Published: 15 June 2022
New official statistics published today by Public Health Wales’ Welsh Cancer Intelligence and Surveillance Unit (WCISU), which cover the period 2002 – 2019, show that the age-adjusted rate for new cases of cancer each year decreased slightly. This suggests that, apart from age, the overall risk of cancer in the population is gradually going down.
WCISU made adjustments to allow for the population ageing during the reporting period, but when ageing was not taken into account, the number of new cases each year per 100,000 population went up by almost 16 percent during the same period.
There was a 25 percent increase in the number of new cases of cancer diagnosed in Wales, with 20,058 new cancer cases diagnosed in 2019, compared to 16,066 in 2002. WCISU identified one of the main causes of the increase in new cancers as an increasing population size, especially amongst older age groups, who have the highest risk of cancer. In 2019, around 80 percent of cases occurred in those aged 60 years and older.
The statistics continue to show a difference in cancer rates between men and women. In 2019, the report found that the overall age-adjusted rate was 25 percent higher in men than in women. Cancer trends over time, and the differences between men and women, are partly the result of changing patterns of risk factors amongst the population, especially smoking.
Trends in age-adjusted lung cancer rates were very different in men and women. Rates increased rapidly in women during the first decade of the 21st century. During the second decade, this increase slowed then flattened-off. Meanwhile, the rate in men decreased by almost a quarter, although it is still considerably higher than in women.
Unlike lung cancer, trends in bowel cancer rates have similar patterns in men and women, although the rate in men is still approximately 50 percent higher than for women. In all sexes, rates peaked around 2011/2012, then fell to reach similar levels to 2002.
WCISU has previously estimated that up to 4 in 10 cancers in Wales are potentially preventable. The main preventable risk factors include; smoking, being overweight or obese, UV radiation from sunlight and sunbeds, workplace risks like asbestos, some infections like HPV, drinking alcohol, a low fibre diet, radiation such as radon in some homes, multiple x-rays and other tests in healthcare, processed meat and some forms of air pollution.
Our Bowel Screening Wales and Cervical Screening Wales programmes have cancer prevention effects by identifying bowel polyps, high-risk HPV infection and pre-cancerous cell changes in the cervix, as well as providing early diagnosis should cancer develop.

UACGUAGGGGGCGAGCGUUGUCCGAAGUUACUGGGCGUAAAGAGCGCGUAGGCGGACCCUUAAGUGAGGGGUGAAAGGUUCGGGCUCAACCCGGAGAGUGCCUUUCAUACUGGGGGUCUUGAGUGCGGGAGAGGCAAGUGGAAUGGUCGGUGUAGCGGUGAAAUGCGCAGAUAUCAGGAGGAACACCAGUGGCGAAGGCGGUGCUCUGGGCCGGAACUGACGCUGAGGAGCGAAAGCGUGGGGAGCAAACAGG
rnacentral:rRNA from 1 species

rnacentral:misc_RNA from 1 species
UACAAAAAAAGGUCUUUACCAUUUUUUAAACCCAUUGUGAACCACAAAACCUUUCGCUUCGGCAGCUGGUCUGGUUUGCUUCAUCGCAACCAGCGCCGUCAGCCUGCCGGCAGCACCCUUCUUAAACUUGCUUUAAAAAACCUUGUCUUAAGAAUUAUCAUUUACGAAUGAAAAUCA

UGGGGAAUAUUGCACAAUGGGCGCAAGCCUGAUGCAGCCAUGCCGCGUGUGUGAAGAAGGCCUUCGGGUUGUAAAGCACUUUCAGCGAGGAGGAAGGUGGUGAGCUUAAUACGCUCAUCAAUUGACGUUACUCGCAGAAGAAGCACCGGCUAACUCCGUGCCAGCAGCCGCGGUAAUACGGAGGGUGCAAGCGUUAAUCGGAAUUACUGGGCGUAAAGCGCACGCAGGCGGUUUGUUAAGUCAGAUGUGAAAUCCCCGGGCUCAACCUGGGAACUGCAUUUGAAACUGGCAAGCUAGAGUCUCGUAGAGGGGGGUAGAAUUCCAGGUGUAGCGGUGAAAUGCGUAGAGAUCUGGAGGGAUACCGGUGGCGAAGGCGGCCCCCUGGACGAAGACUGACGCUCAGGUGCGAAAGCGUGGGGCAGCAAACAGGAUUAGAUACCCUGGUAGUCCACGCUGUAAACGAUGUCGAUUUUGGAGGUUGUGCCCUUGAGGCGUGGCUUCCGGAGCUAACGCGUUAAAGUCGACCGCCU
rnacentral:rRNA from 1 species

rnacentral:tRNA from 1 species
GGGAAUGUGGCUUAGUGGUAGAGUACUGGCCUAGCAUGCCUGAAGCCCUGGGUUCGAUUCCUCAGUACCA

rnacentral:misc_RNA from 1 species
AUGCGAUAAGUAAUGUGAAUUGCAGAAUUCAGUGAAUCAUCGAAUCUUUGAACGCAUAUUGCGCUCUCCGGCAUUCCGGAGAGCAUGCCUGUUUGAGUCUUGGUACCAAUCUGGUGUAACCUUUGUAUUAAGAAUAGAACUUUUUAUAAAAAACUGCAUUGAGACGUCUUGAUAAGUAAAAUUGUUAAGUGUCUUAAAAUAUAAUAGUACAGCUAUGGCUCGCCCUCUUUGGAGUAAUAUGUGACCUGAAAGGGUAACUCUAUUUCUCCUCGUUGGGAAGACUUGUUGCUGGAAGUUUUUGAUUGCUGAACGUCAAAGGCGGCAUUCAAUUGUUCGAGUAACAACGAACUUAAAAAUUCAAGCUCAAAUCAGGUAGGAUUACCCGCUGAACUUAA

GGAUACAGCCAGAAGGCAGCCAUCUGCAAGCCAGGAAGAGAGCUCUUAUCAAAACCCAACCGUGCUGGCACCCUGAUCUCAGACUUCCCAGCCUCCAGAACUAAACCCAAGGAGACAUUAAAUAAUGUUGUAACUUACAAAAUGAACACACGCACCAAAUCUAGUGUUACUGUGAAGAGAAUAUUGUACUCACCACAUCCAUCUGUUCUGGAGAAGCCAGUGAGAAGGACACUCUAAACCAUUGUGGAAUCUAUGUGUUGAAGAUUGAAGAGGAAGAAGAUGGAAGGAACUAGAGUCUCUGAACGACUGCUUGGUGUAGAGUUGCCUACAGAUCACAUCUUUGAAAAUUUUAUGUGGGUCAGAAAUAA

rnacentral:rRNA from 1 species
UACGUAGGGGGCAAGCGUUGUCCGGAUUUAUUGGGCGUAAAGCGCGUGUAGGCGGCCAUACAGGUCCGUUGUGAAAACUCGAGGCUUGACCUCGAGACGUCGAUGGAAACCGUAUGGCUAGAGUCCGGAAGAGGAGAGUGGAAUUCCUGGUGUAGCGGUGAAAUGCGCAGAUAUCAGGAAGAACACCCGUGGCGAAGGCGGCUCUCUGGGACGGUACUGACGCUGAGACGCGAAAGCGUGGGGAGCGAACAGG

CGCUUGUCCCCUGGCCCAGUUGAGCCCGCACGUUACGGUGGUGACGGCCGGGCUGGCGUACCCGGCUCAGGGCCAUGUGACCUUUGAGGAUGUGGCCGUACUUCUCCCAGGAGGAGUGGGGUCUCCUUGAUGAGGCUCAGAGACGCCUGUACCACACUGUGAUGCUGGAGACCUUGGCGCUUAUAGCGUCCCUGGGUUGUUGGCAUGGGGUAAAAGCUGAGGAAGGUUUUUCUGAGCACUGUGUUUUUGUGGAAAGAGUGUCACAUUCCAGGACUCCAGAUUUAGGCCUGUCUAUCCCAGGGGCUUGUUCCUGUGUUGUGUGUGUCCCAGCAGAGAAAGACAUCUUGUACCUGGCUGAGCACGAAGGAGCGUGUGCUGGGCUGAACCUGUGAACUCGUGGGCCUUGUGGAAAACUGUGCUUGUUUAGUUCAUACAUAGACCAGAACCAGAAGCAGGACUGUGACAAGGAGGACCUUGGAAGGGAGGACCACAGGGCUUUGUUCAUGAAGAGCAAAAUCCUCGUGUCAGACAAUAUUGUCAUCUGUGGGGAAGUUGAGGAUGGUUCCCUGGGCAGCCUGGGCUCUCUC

Professor Dyfed Wyn Huws, Director of the Welsh Cancer Intelligence and Surveillance Unit at Public Health Wales, said:
"Our new statistics provide the most up-to-date, reliable and complete picture of cancer incidence in Wales. They will provide the most reliable baseline to compare the effect of the Covid-19 pandemic on cancer diagnosis from 2020 onwards. Prostate, female breast, lung and bowel cancers remain the most common cancers in 2019, with these four cancers accounting for over half of new cases.
“We know that up to 4 in 10 cancers in Wales may be preventable. With an increasing number of cancer cases each year with wide inequalities, cancer control will be important for future generations and for keeping rising health service demand in check.”
For most, but not all, types of cancer, incidence rates increase as levels of deprivation in an area worsen, in part because of the health-risk behaviours identified above and certain types of jobs. Socio-economic and physical environments contribute to these risk factors, and make it more difficult to avoid health-risks like air pollution. The overall age-adjusted cancer rate in the most deprived areas of Wales is around 20 percent higher compared to the least deprived areas. However, for lung cancer that difference is 270 percent.
The official statistics also show that there have been considerable changes, and some improvements, to the stage at diagnosis for many – but not all - cancer types.
For example, as treatments and diagnostics have advanced, more people diagnosed with bowel cancer are investigated and staged at the time of diagnosis. Along with improved data, this has led to the ‘stage unknown’ category decreasing considerably between 2011 and 2019, and the proportion of people with stage 4 at diagnosis increasing to 25 percent of cases. Stage 1 at diagnosis also increased slightly, to around 16 percent of bowel cancer cases by 2019.
As in every other country, most cases of lung cancer have an advanced stage at the time of diagnosis. Around two-thirds of cases are either stage 3 or 4 (the most advanced stage) in Wales, with little change in the decade up to 2019. At the same time, the high proportion of cases with ‘stage unknown’ has halved, and the proportion of stage 1 at diagnosis has increased by over a half, following several initiatives by NHS Wales to improve early diagnosis.
The full report can be viewed here:
More information about the work of the Welsh Cancer Intelligence and Surveillance Unit is available online at: